Objective: The paper aims to investigate the relationships of dietary fats to subsequent coronary heart disease (CHD) mortality in men and women while taking account of other CHD-related behaviours.
Design: A cohort of randomly selected men and women were interviewed in 1984-85 and monitored subsequently for 16 y for deaths. The interview covered health, health-related behaviours, physical measurements, socio-demographic details and a dietary questionnaire. Appropriate exclusions left 1225 men and 1451 women aged 40-75 with 98 and 57 CHD deaths, respectively. Saturated, polyunsaturated and total fat intakes were estimated.
Setting: The sample was randomly selected from households in Great Britain. The interviews took place in participants' own homes.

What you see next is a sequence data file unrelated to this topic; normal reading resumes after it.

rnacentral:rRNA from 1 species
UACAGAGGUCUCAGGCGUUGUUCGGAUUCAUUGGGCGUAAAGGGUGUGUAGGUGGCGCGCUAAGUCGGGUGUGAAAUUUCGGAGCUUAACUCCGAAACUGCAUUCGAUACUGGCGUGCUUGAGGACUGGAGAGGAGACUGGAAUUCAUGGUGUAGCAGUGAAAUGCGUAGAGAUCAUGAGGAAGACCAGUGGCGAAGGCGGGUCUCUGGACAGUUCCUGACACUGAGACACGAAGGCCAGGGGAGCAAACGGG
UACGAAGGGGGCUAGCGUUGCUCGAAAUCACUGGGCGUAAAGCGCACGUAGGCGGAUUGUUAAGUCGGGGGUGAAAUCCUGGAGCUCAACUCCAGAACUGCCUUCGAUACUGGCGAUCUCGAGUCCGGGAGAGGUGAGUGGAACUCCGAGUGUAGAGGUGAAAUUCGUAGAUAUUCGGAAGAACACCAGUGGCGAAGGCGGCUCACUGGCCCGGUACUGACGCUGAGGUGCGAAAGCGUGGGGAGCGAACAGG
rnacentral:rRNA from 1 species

Results: Not consuming alcohol, smoking, not exercising and being socially disadvantaged were related to high saturated fat intake and CHD death. Cox survival analyses adjusting for these factors found that a level of saturated fat 100 g per week higher corresponded to a relative risk for CHD death for men of 1.00 (0.86-1.18) and 1.40 (1.09-1.79) for women. This difference between the effects of saturated fat in men and women was statistically significant (P=0.019). Results are also reported for total fat and the relative effects of polyunsaturated and saturated fats.
Conclusions: Strong evidence was found for the within cohort relationship of dietary fat and CHD death in women while no evidence was found for a relationship in men. Possible explanations for this are discussed.